x Abu Dhabi, UAEFriday 21 July 2017

Domestic action gives Pakistan cricket fresh hope

Negative headlines plaguing Pakistan cricket has seen local fans seeking solace in the domestic scene.

From the militant attack on the touring Sri Lanka squad to the spot-fixing saga involving three of their players, negativity seems to plague Pakistan cricket.

However, possibly as a by-product of Pakistan being an outcast in international cricket, local fans have decided to seek solace in the domestic scene.

Tournaments such as the 2011 Faysal Bank T20 Cup (FBT20) are a stage to showcase local talent. And while legitimate concerns revolve around the effectiveness of such a tournament, there are some positives to be gained.

For instance, T20 tournaments are a great learning curve for bowlers. For one thing, to survive in this form of the game, one has to learn how to outsmart aggressive batsmen. This is why, for a fast bowler, length and pace variation quickly become crucial as predictability can often result in showers of boundaries and sixes.

While many emerging players exhibited raw talent and impressed observers in this tournament, the exposure they gained drew attention to some inherent weaknesses in the coaching structure.

For example, while Sohail Khan stood out with 14 wickets, his participation in an ongoing training camp (at the Lahore National Cricket Academy), has revealed that he has issues with gripping a ball.

Whereas the Pakistan Cricket Board (PCB) has won admirers by bringing high voltage cricket to local grounds, it must improve on the softer aspects of such tournaments.

For example, the grainy quality of television broadcasts as well as the lack of good commentators is a far cry from the slick coverage provided for the Indian Premier League (IPL).

In addition, inviting guest teams from abroad may actually raise the profile of Pakistan cricket and encourage an eventual return of full international tours.

With many of the big names of Pakistan cricket, such as Abdul Razzaq and Umar Gul, busy performing in international tournaments such as the Friends Life T20 in England, one cannot help but miss their presence domestically.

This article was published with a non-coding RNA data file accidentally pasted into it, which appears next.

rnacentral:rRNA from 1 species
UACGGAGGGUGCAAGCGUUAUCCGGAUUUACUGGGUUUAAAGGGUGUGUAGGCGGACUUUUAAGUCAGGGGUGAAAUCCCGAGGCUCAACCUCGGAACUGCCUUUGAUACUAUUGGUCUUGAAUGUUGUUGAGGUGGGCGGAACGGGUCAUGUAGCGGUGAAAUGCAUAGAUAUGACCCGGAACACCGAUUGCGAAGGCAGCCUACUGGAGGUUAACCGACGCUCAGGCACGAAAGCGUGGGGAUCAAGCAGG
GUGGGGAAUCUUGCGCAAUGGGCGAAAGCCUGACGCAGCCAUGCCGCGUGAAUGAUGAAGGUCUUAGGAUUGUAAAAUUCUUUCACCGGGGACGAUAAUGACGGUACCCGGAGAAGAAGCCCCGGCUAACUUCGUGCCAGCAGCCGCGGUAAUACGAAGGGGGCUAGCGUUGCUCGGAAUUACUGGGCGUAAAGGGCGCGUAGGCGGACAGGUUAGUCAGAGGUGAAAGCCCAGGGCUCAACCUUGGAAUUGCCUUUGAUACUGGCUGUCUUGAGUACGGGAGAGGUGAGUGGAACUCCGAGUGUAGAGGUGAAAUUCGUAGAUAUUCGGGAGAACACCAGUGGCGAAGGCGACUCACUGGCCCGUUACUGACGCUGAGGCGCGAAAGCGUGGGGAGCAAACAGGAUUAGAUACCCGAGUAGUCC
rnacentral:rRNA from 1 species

For one thing, their involvement would have provided a sterner test of the league's up-and-coming youngsters, just as the IPL is helping Indian prospects emerge.

The PCB, for reasons best known to itself, decided to backtrack on its earlier pledge to ensure that such players would be forced to play in domestic competitions.

It would have made a huge difference to the profile of the local tournaments if that promise had been kept but it would seem that other considerations - those not related to the enjoyment of the ordinary Pakistani fan - took precedence.

The fans, for the most part, understand the difference between beggars and choosers and are happy to simply watch an entertaining tournament, but the PCB should address the absence of big stars when it comes to the next event

Even though this competition may have lacked the glamour of a Shahid Afridi "finger-raising" celebration or Saeed Ajmal's bamboozling doosras, the evidence of talent among Pakistani players is immense.

And yet, despite the Rawalpindi Rams' win in the FBT20 final, there is no guarantee that this team will participate in the T20 Champions League even if they qualify (primarily because the tournament is jointly organised by India and the two countries have a strained political relationship).

It is an insult to a premier domestic side but these are ultimately difficult times for Pakistan cricket.

While the PCB and the International Cricket Council fight running battles over the future of the game in Pakistan, one can only hope that both realise the importance of the fans in keeping cricket alive in this country.

 

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